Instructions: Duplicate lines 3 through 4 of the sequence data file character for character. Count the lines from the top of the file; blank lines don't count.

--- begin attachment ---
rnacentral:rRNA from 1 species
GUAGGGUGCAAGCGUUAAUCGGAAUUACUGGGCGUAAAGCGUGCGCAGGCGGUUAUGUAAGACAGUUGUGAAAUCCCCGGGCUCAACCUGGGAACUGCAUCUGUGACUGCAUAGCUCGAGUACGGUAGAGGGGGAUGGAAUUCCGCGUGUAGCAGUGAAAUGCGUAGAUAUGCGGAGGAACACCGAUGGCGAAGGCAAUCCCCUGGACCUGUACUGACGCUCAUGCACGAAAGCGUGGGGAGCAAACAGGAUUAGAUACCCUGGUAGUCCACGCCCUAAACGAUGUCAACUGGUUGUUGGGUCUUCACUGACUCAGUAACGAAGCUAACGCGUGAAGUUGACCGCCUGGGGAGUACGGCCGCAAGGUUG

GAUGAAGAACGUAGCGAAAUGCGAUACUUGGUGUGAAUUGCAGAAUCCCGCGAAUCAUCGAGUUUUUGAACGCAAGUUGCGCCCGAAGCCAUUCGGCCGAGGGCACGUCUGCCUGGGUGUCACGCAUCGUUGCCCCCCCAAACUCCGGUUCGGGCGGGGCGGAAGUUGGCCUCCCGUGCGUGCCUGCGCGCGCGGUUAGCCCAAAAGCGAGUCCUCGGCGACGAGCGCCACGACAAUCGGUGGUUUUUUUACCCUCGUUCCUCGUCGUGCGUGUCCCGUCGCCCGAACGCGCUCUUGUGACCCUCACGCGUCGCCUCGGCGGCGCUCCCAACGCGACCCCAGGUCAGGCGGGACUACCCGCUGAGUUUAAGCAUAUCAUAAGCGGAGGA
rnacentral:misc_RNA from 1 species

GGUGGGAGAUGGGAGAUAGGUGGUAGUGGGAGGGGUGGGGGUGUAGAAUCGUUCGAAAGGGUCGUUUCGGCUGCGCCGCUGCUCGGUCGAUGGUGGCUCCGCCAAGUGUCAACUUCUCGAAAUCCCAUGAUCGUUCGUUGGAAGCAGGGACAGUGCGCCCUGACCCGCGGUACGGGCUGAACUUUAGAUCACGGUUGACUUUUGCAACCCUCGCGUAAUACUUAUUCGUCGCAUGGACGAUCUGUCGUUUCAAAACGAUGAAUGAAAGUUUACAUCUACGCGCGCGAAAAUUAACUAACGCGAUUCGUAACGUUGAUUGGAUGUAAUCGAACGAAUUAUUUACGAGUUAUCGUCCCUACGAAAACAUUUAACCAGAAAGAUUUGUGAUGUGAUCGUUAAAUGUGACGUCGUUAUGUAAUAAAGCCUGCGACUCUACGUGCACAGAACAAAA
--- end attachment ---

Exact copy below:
GAUGAAGAACGUAGCGAAAUGCGAUACUUGGUGUGAAUUGCAGAAUCCCGCGAAUCAUCGAGUUUUUGAACGCAAGUUGCGCCCGAAGCCAUUCGGCCGAGGGCACGUCUGCCUGGGUGUCACGCAUCGUUGCCCCCCCAAACUCCGGUUCGGGCGGGGCGGAAGUUGGCCUCCCGUGCGUGCCUGCGCGCGCGGUUAGCCCAAAAGCGAGUCCUCGGCGACGAGCGCCACGACAAUCGGUGGUUUUUUUACCCUCGUUCCUCGUCGUGCGUGUCCCGUCGCCCGAACGCGCUCUUGUGACCCUCACGCGUCGCCUCGGCGGCGCUCCCAACGCGACCCCAGGUCAGGCGGGACUACCCGCUGAGUUUAAGCAUAUCAUAAGCGGAGGA
rnacentral:misc_RNA from 1 species